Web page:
Beauty & the Beast is certainly a ‘tale as old as time’, and in this beautiful interpretation by Birmingham Royal Ballet the magical relationship between Belle and the Beast appears more captivating than ever.
Fat Blokes is not your typical dance show. It’s witty, queer, honest, and uncomfortable in all the right places. It’s nothing you expect it to be, but everything that it should be.
Walking up the steps of Yang Sing, a restaurant on the edge of Chinatown, it is easy to see that From Shore to Shore will be no ordinary night at the theatre. (Indeed, it’s not at the theatre at all.)
Barber Shop Chronicles is a hugely impressive production. Life-affirming and vivid. Putting lives on stage which have not been seen there before.
Opera North’s The Rite of Spring/Gianni Schicchi is an uneven pairing but a thoroughly enlightening and enjoyable evening nonetheless. Both works serve as great entry points to their respective mediums.
Opera North’s new production of Mozart’s The Magic Flute takes the composer’s final opera and brings out the fantastical and often comedic elements of what can at times be a dark story – several characters contemplate suicide on stage, but this version avoids ever feeling bogged down in these darker moments.
Wise Children is the ultimate love letter to theatre. Complete with stars, spotlights, showgirls and Shakespeare – this is a spectacle to behold.
Manchester-based Box of Tricks Theatre Company has spent two years developing SparkPlug with dual heritage writer/performer David Judge.
Billionaire Boy captures the spirit of David Walliams’ novel perfectly. There is humour, warmth, disgust, friendship, minor audience participation, a bit of Fortnite and love. And did I mention humour?
“Fantastic”, “excellent”, “wicked” – all words that have been used by audiences who have seen Sunrise for the Blind at the Tristan Bates Theatre and have leaped onto social media to share their thoughts about the production. Take a look at the buzz building around the show, then book your tickets for the final few days of the play’s London run.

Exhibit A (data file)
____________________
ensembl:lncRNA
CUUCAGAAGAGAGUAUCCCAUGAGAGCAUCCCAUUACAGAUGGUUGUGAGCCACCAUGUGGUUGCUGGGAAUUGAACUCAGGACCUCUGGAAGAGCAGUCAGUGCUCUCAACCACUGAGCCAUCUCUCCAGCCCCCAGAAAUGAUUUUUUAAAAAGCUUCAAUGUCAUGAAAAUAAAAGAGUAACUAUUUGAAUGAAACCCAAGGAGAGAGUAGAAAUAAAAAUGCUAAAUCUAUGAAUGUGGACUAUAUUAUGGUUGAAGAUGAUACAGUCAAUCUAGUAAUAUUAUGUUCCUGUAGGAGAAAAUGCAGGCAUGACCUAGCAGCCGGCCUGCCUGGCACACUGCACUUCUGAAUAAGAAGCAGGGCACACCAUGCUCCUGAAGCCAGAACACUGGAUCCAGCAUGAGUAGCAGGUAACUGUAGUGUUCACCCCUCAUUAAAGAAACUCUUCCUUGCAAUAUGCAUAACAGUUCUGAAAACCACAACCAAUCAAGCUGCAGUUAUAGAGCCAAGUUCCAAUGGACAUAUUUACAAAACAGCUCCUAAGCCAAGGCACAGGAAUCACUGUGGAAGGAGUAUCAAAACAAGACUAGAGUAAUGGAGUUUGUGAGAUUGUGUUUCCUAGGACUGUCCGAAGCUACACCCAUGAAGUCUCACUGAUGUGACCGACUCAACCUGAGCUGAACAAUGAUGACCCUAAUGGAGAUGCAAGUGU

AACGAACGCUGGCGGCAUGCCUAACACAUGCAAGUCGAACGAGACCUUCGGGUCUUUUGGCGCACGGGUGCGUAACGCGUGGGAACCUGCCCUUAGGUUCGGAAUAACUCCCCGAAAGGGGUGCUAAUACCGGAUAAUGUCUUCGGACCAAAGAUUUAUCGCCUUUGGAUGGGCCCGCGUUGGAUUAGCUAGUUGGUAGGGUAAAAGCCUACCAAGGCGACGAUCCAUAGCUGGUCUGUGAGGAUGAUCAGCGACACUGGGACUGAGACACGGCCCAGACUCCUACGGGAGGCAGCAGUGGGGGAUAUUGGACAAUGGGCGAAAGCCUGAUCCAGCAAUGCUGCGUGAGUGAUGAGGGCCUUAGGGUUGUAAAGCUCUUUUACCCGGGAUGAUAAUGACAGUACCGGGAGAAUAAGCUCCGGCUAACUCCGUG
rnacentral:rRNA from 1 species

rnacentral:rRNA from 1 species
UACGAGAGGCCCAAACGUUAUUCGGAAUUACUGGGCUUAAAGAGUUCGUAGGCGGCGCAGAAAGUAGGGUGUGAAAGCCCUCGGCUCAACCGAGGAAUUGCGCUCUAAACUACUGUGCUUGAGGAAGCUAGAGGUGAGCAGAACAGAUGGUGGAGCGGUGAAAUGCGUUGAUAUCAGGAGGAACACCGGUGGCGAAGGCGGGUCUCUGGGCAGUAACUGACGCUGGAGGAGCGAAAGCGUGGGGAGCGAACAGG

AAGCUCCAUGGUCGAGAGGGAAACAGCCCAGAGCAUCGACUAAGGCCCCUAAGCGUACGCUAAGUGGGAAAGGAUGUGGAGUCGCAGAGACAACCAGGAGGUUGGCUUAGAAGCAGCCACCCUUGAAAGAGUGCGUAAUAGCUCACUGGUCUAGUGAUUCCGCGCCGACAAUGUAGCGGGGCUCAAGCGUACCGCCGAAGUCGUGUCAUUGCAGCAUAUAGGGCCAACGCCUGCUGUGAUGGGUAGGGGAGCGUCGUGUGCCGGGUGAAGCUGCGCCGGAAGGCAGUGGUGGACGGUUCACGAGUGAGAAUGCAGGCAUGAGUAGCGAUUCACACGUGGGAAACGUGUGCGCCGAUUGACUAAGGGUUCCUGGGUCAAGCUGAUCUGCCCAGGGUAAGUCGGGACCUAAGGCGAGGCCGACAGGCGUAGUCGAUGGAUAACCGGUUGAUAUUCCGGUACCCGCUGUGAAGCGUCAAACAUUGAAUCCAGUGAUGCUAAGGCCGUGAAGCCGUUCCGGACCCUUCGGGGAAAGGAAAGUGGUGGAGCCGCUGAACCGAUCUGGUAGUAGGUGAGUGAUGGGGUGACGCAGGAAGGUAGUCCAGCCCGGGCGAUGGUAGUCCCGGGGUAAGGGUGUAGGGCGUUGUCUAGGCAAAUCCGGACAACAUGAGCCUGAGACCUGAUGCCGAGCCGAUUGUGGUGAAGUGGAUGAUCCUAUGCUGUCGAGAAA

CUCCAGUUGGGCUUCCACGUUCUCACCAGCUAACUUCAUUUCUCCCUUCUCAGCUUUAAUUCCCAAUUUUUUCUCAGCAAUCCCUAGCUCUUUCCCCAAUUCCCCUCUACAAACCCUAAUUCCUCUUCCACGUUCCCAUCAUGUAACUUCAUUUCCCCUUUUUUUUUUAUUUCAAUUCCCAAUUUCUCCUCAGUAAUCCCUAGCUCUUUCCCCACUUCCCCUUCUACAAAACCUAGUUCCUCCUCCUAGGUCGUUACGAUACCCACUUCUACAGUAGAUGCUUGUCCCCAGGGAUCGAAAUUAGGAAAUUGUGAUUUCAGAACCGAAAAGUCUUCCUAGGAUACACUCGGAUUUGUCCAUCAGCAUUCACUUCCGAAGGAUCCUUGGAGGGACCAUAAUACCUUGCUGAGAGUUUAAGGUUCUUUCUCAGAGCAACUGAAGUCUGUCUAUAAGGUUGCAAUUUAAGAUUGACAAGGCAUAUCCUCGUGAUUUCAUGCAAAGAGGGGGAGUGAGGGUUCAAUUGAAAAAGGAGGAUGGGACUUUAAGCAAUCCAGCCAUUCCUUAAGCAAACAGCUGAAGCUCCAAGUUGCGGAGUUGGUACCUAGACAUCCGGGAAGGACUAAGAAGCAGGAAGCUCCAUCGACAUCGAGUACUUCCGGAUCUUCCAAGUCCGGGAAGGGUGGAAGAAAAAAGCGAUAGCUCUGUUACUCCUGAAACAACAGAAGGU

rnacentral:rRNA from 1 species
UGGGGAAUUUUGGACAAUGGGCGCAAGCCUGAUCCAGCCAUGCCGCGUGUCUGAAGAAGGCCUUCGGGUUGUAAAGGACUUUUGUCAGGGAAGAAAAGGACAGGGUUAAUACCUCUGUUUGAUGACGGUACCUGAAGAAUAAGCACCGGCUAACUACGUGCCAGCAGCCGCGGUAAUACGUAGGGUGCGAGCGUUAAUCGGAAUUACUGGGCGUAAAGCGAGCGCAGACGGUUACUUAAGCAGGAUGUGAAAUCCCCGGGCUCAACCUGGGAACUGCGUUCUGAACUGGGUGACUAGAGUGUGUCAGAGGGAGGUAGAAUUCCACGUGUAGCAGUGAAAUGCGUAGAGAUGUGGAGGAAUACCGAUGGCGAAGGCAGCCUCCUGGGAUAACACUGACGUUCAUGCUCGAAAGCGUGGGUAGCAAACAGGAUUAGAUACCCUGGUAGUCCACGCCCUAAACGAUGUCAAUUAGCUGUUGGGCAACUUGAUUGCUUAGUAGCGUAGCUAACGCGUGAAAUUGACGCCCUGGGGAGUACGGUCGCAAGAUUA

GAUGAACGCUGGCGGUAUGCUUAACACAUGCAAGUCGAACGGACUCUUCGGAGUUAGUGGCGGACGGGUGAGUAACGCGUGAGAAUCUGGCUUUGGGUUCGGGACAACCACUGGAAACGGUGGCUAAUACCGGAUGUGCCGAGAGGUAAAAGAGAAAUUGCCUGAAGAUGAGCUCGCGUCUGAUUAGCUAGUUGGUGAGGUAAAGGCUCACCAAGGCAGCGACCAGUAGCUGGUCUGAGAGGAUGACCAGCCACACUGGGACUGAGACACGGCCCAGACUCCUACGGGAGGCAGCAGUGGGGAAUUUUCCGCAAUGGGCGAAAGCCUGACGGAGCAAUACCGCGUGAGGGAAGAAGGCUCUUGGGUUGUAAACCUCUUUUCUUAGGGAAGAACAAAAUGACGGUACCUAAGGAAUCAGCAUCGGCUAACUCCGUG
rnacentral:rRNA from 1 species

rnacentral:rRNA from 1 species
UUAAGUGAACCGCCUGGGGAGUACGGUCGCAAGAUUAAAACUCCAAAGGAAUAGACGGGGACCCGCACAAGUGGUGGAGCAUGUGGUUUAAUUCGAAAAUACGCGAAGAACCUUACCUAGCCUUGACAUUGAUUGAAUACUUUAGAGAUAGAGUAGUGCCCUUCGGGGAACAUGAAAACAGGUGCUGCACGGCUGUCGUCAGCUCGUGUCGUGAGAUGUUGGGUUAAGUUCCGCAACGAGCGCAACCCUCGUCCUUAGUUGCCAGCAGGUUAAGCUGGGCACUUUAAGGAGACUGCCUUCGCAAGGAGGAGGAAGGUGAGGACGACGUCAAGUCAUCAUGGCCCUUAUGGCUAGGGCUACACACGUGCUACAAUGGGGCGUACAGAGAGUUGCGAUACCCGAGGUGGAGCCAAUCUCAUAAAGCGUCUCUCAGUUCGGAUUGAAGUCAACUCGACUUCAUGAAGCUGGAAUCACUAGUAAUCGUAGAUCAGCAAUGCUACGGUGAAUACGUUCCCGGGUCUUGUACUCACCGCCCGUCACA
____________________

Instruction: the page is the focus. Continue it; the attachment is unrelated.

1927’s The Animals & Children Took to the Streets is a deliciously dark gem of a show. With a running time of just 70 minutes, you might assume that the action would be rushed. Instead, the three performers take their time, wringing every last drop of twisted humour out of each rhyming couplet.
The new cast announced for new West End musical & Juliet features Cassidy Janson; Oliver Tompsett; Arun Blair-Mangat; Melanie La Barrie; Jordan Luke Gage and Tim Mahendran.
Lee Lomas comes from the growing breed of performers who is not content to wait for auditions to come around. He’s taken it on himself to step up and create the work he wants to star in and see more of. His latest production, Sunrise for the Blind, comes to Tristan Bates Theatre later this month. Read what he has to say about the show and working class representation on stage in our interview
Described by audiences as “unapologetically honest” and “Shane Meadows-esque” Lee Lomas’ new play, Sunrise for the Blind returns to London at the Tristan Bates Theatre this month. The working-class drama, staged by 1956 Entertainment, plays a limited season from 11-16 February 2019, so get your tickets fast!
Award-winning Miriam-Teak Lee is to star in the brand new musical & Juliet featuring the music of acclaimed songwriter Max Martin who has written some of the biggest pop anthems of the last 30 years. The production will play a limited season at Manchester Opera House from 10 September to 12 October 2019 before beginning performances at London’s Shaftesbury Theatre on 2 November (press night is 20 November).
The Band is not just a musical for Take That groupies – it’s a musical for anybody who grew up with a boyband. This is a musical which celebrates the music of Take That and so much more besides.
Over 50 years since the release of the original 1967 film starring Rex Harrison, Leslie Bricusse’s Doctor Dolittle The Musical receives a major new revival stage revival.
The Christmas musical at the Royal Exchange is fast becoming a Manchester tradition. After a run of hits, The Producers has a lot to live up to, but even so, it surpasses every expectation. Raz Shaw’s production of this classic and controversial Mel Brooks musical turns the camp, the glitter and the hilarity up to 11.
As ever, JB Shorts has a great reputation and never disappoints. With its host of gripping, 15-minute plays by some of TV’s top writers and starring local talent, I would recommend JB Shorts to anyone looking for a great night out for less than £10.
With an abundance of laugh out loud moments, Dave Bintley’s lively musical score of sing-along chart-toppers, a sterling cast of seasoned performers and a pleasing price-tag – Cinderella at Oldham Coliseum is the best traditional panto in the North.